Squiggly snake robot could help in Fukushima
Inspection serpent expected to also lend eye at other dangerous sites
TOKYO -- A snake robot that wiggles through complex pipe structures for inspection purposes may play a key role in the decommissioning of the crippled Fukushima Daiichi nuclear power plant.
The robot, about 2 meters long and 9kg, has been developed by a team of researchers from Kyoto University, Kanazawa University, Okayama University and other entities.
High-performance sensors allow the snake to weave its way through complicated networks of pipes. The robot keeps track of its location by monitoring its own echos, which should keep it from getting lost.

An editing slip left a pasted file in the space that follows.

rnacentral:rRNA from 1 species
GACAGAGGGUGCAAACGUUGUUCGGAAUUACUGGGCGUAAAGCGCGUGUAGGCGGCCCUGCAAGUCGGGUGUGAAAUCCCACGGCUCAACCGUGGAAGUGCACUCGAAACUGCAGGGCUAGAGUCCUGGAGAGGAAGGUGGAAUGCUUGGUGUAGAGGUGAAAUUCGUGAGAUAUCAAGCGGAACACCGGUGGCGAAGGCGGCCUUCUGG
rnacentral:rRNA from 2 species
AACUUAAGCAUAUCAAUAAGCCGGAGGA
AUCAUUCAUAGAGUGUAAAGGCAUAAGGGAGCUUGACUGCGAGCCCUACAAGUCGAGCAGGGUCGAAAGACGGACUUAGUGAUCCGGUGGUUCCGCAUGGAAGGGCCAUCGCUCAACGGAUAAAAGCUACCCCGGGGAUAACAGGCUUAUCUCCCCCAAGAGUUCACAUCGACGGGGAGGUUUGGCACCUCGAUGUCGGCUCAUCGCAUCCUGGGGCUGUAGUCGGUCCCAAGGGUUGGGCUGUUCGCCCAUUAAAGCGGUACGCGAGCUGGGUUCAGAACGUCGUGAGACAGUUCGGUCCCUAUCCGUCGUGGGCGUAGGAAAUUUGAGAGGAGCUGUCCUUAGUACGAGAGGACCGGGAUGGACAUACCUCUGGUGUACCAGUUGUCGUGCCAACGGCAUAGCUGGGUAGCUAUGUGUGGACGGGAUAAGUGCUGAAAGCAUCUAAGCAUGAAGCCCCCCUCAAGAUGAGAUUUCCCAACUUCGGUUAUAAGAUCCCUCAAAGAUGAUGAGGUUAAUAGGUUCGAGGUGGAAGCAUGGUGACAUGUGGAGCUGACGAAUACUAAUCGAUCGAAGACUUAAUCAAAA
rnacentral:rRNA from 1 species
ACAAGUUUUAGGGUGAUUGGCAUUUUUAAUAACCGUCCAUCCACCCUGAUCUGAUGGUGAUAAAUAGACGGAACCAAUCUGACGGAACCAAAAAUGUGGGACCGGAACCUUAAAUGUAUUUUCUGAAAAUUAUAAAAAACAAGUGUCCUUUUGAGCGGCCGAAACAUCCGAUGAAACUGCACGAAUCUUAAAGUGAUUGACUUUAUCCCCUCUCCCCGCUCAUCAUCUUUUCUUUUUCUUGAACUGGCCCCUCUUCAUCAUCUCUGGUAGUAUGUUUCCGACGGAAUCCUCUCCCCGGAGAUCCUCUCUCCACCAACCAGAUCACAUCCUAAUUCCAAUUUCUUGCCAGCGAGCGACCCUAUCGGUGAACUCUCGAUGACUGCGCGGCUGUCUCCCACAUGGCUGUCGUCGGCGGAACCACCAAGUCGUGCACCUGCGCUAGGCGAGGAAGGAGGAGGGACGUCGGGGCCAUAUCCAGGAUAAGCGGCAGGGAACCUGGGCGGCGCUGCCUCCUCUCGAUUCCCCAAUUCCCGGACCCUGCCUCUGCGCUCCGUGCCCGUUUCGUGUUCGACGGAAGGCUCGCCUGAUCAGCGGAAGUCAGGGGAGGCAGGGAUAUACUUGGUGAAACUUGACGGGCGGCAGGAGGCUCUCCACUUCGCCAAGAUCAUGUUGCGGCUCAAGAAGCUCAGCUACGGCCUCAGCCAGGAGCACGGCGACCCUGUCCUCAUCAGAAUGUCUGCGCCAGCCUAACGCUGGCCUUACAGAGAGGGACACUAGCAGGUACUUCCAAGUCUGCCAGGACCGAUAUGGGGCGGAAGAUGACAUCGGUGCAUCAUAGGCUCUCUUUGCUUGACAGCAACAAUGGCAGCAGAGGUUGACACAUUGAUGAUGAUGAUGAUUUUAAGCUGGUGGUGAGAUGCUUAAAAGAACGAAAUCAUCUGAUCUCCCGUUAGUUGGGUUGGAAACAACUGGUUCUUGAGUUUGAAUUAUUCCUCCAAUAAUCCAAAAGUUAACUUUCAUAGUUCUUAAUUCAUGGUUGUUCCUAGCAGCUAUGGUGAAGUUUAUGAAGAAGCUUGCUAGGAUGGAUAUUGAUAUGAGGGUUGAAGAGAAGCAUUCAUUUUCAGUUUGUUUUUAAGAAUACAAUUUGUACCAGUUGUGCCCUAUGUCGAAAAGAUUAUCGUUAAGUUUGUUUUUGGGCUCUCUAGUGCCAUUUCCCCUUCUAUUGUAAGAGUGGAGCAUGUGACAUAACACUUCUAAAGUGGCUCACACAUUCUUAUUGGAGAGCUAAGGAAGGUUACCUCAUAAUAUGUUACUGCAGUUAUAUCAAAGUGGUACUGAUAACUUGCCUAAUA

Its makers think the serpent can be used for daily checkups at factories, search operations at sites that pose danger to humans and for decommissioning work at the Fukushima plant.
The snake can gather detailed information of a survey site as it slithers along. It has a camera mounted on its tip that can show images to the operations team, who will be looking at a diagram of the pipe system.
The robot can climb over debris and coil its way up narrow pipes.
"We will upgrade the robot to be water- and dust-resistant and work toward practical applications," said Fumitoshi Matsuno, a Kyoto University robotics professor.